After a late and large lunch at BEAST Craft BBQ in Belleville, Nancy and I went on to Springfield and checked in to our hotel. Nancy wasn’t at all hungry, and I wasn’t interested in a big meal, so I reverted to hunter-gatherer mode at a local supermarket and dined on oranges, a bag of M & Ms, and a couple of Hazy Little Thing IPAs.
We normally would have eaten the free breakfast in the hotel, but my in-depth restaurant research disclosed that a local place, Charlie Parker’s (named after the saxophonist), was the “National Grand Champion of Thomas Hometown Breakfast Battle.” I eventually realized that “Thomas” referred to the English muffin people. (Isn’t it supposed to the Thomas’, pronounced Thomases? And did you know that Thomas is owned by Bimbo Bakery USA?) Charlie Parker’s defeated 165 other restaurants from all over the country. You might have seen them prepare a “Horseshoe” on national television one morning. You can read about the Horseshoe, a Springfield specialty, here.
So off we went on a cold, windy morning to a light industrial area off a side road on the South edge of town. There we saw Charlie Parker’s.
I thought the architecture fit in well with the neighborhood. The building has a large, open interior jammed with people, records, album covers, musician/celebrity posters, and other memorabilia.
We sat in the only available table, right by the entry. There’s a small vestibule as you enter the restaurant to block the cold air from coming in with full force. That was a good idea, but for our seats it was undermined by the graciousness of the customers: someone in every group held the door open for all of the others, some of whom apparently were just getting out of their cars with their walkers at the far end of the parking lot. No sooner did the door close than it would reopen for another group of polite people. I didn’t need coffee to wake up, but ordered some to keep warm. I acclimated quickly, however, and enjoyed myself.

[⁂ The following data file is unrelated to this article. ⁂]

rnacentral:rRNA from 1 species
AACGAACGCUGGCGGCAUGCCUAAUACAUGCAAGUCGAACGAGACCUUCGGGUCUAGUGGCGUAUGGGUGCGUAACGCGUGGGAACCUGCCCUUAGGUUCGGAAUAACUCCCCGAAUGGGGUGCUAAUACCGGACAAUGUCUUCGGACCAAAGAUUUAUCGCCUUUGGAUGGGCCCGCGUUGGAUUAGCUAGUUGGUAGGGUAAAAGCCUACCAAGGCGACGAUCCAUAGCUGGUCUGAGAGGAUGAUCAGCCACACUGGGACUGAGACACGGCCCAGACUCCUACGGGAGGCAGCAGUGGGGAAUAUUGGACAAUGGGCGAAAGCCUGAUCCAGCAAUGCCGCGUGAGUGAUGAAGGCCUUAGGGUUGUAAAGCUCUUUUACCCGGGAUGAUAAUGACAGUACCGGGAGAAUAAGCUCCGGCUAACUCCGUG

I ordered eggs over easy with, in a radical departure, sausage rather than bacon, and with hash browns and white toast; and I asked for the egg’s best friend, Tabasco sauce.
Nancy ordered a two egg Western omelet, shown in progress, with hash browns and rye toast.
She also ordered one small blueberry pancake.
Thats’s a small blueberry pancake on a dinner plate. A large pancake is 16 inches across. If you can eat four of them, they’re free. It was a very good pancake, a triumph of the pancake art. Nancy, who eats like a bird, insisted that I help her finish it. Being a devoted husband, I did.
Nancy enjoyed her omelet. She was a bit surprised by the cheese in (actually on) a Western omelet, but should not have been. This is America, where we put cheese on everything. I was in a Granville, Ohio, diner once when another customer ordered a waffle. The waitress asked if he wanted cheese on it.
My eggs over easy were expertly cooked, with every bit of yolk still liquid, and the sausage, which was very thick, had a good meaty flavor. The hash browns were good, although I would have preferred them scattered, smothered, and peppered. They were not at all greasy: you may consider that either a bug or a feature. The toast was good — nice and warm.
It was a very good breakfast. We both thoroughly enjoyed Charlie Parker’s. It’s a homey place full of very friendly people. I do have some regrets that I didn’t order a Horseshoe, but then I saw one at another table and decided I’d have regretted eating one even more. As it was, we were well fueled for our walk, and for our visit to the absolutely sensational Lincoln Presidential Library and Museum. Their films — actually holograms –are wonderful beyond mere words. The Museum has excellent docents and offers plenty of surprises.
The Museum alone is a reason to visit Springfield, and there’s much more to see, with Lincoln everywhere you look. So go there. Go to Charlie Parker’s. Have a Horseshoe, and tell me about it.
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